Wednesday, February 6
What's more of a threat to our existence -- al-Qaida or climate change?

Judging from the budget priorities of the United States, the so-called global war on terror is more important than the long-term survival of the planet.

A study released last week by the Institute for Policy Studies found that the federal government is spending $88 on the military for every dollar it spends on climate-related programs.

The U.S. military budget for the current fiscal year is $647.5 billion, more than every other nation's military spending -- combined.

Meanwhile, the fiscal 2008 budget for dealing with climate change is $7.37 billion. Of that amount, only $212 million -- about the cost of one day of the U.S. occupation of Iraq -- is spent on helping developing nations come up with clean, renewable energy sources.

If you're looking for a note of optimism, that 88-to-1 ratio is actually an improvement. Over the previous five years, the United States has spent $3.5 trillion on the military versus $37 billion on climate change -- a 97 to 1 ratio.

The other bit of good news is that even our military leaders are starting to recognize climate change as a national security issue.

The Pentagon and the intelligence community have produced several reports over the past few years predicting that climate change has the potential to make bad political situations even worse. They foresee resource wars over food and water, and political and humanitarian crises that could easily spin out of control.

Yet the Pentagon is getting more research and development money -- $77 billion -- this year to come up with new killing technologies, while only about $4 billion will go for climate change R&D.

Granted, terrorism is a serious problem. But, as the IPS report points out, terrorism "doesn't surround us. The effect of climate change, on the other hand, will."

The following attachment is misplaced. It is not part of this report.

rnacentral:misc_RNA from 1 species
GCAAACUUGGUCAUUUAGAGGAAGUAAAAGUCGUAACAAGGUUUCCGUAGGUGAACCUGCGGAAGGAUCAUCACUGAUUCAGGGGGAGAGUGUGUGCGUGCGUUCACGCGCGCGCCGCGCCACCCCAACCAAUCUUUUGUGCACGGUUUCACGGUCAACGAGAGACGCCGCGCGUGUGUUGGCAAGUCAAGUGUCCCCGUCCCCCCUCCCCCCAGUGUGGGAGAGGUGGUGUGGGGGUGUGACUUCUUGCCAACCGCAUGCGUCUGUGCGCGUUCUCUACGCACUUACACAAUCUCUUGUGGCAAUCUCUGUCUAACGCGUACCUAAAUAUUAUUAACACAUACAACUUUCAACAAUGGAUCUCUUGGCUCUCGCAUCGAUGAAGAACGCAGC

Money keeps being poured into Iraq and Afghanistan. The global war on terror has become the second most costly war in our nation's history, according to the Congressional Research Office and the Office of Budget and Management.

In 2007 dollars, it cost $3.2 trillion to fight World War II. The cost of the wars in Afghanistan and Iraq to date is nearly $700 billion. By comparison, the Vietnam War cost $670 billion, while World War I cost $364 billion and the Korean War cost $295 billion.

Nearly $700 billion for Iraq and Afghanistan. And what do we have to show for it?

By putting a greater priority on war and destruction rather than on peace and on building for the future, we have lost precious time in so many areas. How many schools and hospitals could have been built with that money? How many bridges and roads could have been fixed?

Amtrak could run for 50 years on that money. Every household in America could be weatherized. Research and development into wind and solar power could move faster than ever before. We could come up with new ways to wean our economy away from imported oil.

Sadly, few of our political leaders have the courage to cut military spending and redirect the savings to other priorities. The proposed military budget for fiscal 2009 is $515.4 billion, plus an additional $70 billion for Iraq and Afghanistan.

For too long, the Pentagon has gotten whatever it wants, while everyone else has to live off the crumbs. For the long term survival of this nation, and the world, this must change.